[[Design with Antiques]] Shabby Chic

So, what IS shabby chic and when did it start to become a fashionable style for your home? Why did we all start wanting things to look worn, lived in and a bit threadbare instead of shiny and new?

Shabby chic…

…could have been born from a few different movements and became trendy by the early 2000’s. It’s a little bit antique, a little bit retro and yet it is a style which wants to specifically distance itself from the individual piece’s original period or era.

There’s a few reasons people might have started to go to the shabbier side of chic and one of these could be for eco reasons. Reusing has become a trend in our society and it’s wonderful to see that old items are being given new life.

Secondly, antique and vintage has become popular again with people looking back on days gone by with envy of the simple way that life seemed to be lived.

More and more we are wanting to go back to grass roots and reusing items from era’s long past, we can hold onto that time and be reminded of it in our home.

There are loads of different ways to decorate with shabby chic but a few of our favourites are through crockery, homewares, furniture and bric-a-brac.


Forget about matching your sets and don’t even worry if they’re from the same company, shabby chic lets you mix and match with beautiful antique pieces, op shop finds and even repro pieces to make a fun and eclectic collection.

Key things to think about:

  1. Stick to 1 colour or element. e.g. Try finding all pink pieces in different florals, block colours and  patterns so there is a universal theme. Or forget a colour and just buy all florals in various colours and shapes.
  2. Try to make sure you at least have 6 of each item. No point having 20 saucers and only 2 teacups!
  3. Think about your own home and how your new collection will fit in with your decor and perhaps some crockery you already own.

Shabby Chic Crockery

Homewares & Furniture

Finding homewares in this style which are suitably worn but not ‘worn out’ can be a little more tricky. Best to be open minded and to brush up on your mending skills so if you find the perfect piece you can spruce it up a little.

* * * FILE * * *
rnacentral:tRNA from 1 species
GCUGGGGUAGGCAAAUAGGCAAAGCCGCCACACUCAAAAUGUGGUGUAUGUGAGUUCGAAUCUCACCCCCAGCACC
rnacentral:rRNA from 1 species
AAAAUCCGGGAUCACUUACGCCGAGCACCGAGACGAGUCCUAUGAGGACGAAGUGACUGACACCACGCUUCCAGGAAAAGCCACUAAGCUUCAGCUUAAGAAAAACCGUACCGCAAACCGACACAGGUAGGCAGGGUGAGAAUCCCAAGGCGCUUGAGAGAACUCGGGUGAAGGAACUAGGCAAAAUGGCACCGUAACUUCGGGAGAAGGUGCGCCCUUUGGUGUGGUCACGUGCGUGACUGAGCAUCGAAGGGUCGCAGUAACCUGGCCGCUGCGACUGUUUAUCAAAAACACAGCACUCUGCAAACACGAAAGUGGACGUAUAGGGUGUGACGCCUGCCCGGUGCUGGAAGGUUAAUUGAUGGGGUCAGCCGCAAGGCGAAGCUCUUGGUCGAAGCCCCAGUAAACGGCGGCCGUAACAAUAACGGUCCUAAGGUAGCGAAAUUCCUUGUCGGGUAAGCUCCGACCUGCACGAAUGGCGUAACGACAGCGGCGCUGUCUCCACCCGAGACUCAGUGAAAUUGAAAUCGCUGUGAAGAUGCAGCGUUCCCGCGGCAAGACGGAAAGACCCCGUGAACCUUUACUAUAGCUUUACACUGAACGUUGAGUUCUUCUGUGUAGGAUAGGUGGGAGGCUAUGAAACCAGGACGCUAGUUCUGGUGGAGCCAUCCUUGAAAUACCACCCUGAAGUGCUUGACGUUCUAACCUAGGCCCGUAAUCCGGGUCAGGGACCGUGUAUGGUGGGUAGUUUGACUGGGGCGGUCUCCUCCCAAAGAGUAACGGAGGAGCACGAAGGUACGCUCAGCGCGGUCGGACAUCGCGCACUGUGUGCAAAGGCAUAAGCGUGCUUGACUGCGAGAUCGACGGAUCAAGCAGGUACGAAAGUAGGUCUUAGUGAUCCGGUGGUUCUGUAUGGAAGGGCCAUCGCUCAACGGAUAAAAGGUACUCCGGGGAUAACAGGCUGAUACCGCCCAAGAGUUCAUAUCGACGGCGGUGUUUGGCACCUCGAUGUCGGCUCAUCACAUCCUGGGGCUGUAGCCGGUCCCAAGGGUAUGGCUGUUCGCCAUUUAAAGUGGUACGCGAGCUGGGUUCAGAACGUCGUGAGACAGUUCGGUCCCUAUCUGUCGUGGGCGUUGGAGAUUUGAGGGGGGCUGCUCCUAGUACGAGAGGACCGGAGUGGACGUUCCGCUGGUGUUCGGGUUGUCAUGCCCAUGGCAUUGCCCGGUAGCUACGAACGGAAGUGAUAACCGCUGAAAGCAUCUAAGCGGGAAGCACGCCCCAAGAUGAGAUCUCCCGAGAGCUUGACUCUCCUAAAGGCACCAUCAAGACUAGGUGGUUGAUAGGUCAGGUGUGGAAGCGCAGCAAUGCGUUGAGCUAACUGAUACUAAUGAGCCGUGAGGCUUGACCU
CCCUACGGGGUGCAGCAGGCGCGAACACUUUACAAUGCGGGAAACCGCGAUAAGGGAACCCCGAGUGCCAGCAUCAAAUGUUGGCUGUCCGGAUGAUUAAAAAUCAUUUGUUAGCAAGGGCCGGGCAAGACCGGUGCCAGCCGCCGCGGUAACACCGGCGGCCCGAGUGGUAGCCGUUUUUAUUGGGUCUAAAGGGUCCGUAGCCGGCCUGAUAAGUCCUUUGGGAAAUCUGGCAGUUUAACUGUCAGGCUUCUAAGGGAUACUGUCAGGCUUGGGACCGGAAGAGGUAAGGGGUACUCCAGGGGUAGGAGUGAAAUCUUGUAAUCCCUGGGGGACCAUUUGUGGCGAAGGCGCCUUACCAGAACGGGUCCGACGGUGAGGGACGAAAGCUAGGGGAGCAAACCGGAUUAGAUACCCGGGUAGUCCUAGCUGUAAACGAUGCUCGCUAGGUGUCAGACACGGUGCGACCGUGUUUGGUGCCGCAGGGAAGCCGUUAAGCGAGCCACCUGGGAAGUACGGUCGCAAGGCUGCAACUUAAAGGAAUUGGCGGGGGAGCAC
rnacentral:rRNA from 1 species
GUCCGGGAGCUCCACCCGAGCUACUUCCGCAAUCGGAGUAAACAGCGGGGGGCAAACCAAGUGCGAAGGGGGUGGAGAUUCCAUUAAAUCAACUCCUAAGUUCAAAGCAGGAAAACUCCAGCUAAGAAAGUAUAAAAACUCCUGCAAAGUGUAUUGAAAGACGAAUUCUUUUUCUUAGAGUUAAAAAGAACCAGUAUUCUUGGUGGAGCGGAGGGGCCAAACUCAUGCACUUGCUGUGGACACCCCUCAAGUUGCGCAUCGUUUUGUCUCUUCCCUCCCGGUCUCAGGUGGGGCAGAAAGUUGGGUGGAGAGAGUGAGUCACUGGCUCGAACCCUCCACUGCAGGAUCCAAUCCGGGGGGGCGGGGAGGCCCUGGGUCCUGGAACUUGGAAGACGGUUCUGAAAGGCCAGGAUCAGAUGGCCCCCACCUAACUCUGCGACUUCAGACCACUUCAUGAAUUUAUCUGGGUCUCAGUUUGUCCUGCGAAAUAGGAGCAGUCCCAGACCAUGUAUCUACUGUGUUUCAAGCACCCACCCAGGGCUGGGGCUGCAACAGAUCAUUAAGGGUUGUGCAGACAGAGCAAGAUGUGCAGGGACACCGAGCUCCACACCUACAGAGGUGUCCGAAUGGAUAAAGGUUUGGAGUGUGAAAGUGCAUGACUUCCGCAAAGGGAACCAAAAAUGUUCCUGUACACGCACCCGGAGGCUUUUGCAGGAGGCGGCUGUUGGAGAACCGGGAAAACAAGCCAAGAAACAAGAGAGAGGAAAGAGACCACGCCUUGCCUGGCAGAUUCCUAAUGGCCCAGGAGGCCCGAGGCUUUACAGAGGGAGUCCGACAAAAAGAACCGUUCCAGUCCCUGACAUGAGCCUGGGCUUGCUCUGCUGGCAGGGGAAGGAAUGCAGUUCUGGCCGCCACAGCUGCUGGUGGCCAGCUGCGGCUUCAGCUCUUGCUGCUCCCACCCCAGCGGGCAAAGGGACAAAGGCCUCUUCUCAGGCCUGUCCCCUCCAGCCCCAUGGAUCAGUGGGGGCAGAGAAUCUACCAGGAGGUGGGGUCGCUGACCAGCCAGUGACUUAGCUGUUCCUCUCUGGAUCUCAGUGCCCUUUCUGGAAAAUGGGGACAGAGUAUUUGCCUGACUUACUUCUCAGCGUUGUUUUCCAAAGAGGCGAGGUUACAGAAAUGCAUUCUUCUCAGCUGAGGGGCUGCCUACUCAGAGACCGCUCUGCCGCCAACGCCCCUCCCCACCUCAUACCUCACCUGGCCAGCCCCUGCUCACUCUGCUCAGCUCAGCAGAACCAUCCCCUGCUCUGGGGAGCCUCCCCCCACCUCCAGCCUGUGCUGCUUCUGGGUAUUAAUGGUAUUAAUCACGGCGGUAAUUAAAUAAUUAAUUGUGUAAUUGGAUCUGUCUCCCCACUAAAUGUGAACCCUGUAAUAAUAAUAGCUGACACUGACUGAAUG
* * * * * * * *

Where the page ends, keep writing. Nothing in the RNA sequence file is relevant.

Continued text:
Again, it’s important not to matchy-match anything in your home if you’re trying to achieve the relaxed opulence of shabby chic. In the loungeroom, try pairing some vintage chairs with newer cushions (or vise versa) and adding some retro artworks to your walls.

Often wooden furniture with peeling paint can be buffed back and varnished to retain it’s ‘shabby’ charm but make it more functional (and less paint chips rubbing off on your clothes!)

What you should consider

  1. Functionality should always reign! Unless you can fix the broken chair leg, don’t buy a chair you’ll never sit in.
  2. Make sure there’s still ‘life’ left in your purchases – they need to give you a few more years so they can’t be on their last legs.
  3. Tie together with a loose theme and stick to it. Don’t buy that blue fuzzy cushion if you’re going for a floral theme!


Probably the shabby-chic-enthusiasts best friend, you can find all manner of amazing in the bric-a-brac section.

This could include kitchenalia which is functional but also sits out on your counter and looks vintage-cool, figurines and umbrella stands, vases, lamps and candle holders. Whatever takes your fancy!

Things to remember:

  1. Theme – have you figured yours out yet? Don’t buy that talking seabass on the wall unless you’re going for a ‘cabin in the woods’ feel.
  2. Don’t just buy cheap stuff. Look for quality pieces which will make your home feel decadent and which you may even want to pass on to your children.
  3. If it’s decorative AND functional, thats a big tick as it means you don’t have to buy two different things!

Shabby Chic Bric A Brac

If you have any great tips about shabby chic decorating, let us know below in the comments!

Shabby Chic – Wikipedia
Style at Home